David Lindsay

David Lindsay

Wellington Film Festival Memories

The documentation for the 1st Wellington Film Festival, Forty Years ago, consists of the brochure listing the seven programmed films, with descriptions and screening details – sessions at 2.00, 5.15 and 8.15pm. That was supplemented by two cycostyled foolscap sheets with extra information and other notices. The first sheet detailed a couple of extra weekend morning sessions, including the only New Zealand screening of Walerian Borowczyk's Blanche, which came directly from the Sydney Film Festival.

The 2nd WFS, and the first I was involved with, didn't fare much better. But the number of films increased to 12.

By the time of the third festival I decided that there should be a Souvenir Programme. I had settled in to doing Sequence by this time and had convinced the film society committee that they should invest in an IBM golf ball typewriter. With this I typed up Sequence on A4 guide-lined paper, attached printer-ready screened illustrations, then took them in to the plate-makers where each page was reduced to A5 and made up and sent to Roberts Printing Company for off-set printing and assembly. So I was ready to tackle a Souvenir Programmme. The film society minutes record that I was going to prepare a 16 page booklet, but not the fact that I had to convince the committee that it was a good idea.. Come the festival, and committee members on the information desk were charged with selling the programmes at 20 cents each to patrons going in. That is where we realised we had a problem. We had used the same design as that used on the brochure, and although the brochure was printed in a brown ink and the souvenir programme was simply in black and white, many people turned down the opportunity to own a souvenir programme – saying, “No Thanks. I've got one of those.”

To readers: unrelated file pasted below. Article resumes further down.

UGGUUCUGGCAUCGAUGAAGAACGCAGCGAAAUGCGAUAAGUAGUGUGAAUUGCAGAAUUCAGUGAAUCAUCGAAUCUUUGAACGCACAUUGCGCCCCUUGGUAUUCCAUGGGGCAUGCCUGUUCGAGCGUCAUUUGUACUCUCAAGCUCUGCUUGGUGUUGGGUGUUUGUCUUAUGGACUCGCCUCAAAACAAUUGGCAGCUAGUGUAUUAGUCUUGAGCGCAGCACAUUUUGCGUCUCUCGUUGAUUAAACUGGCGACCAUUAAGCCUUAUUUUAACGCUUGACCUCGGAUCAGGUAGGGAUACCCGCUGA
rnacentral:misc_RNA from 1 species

Luckily, that didn't put the committee off, and the Souvenir Programmes continued. I did them for the next four years, until the 7th Film Festival which had 41 films. The time required was becoming too much for a voluntary worker. The Festival office then took over the task, and did so until as recently as 2007, when it was decided to cease publishing them. And they are sorely missed. I have the complete set in my collection.

By David Lindsay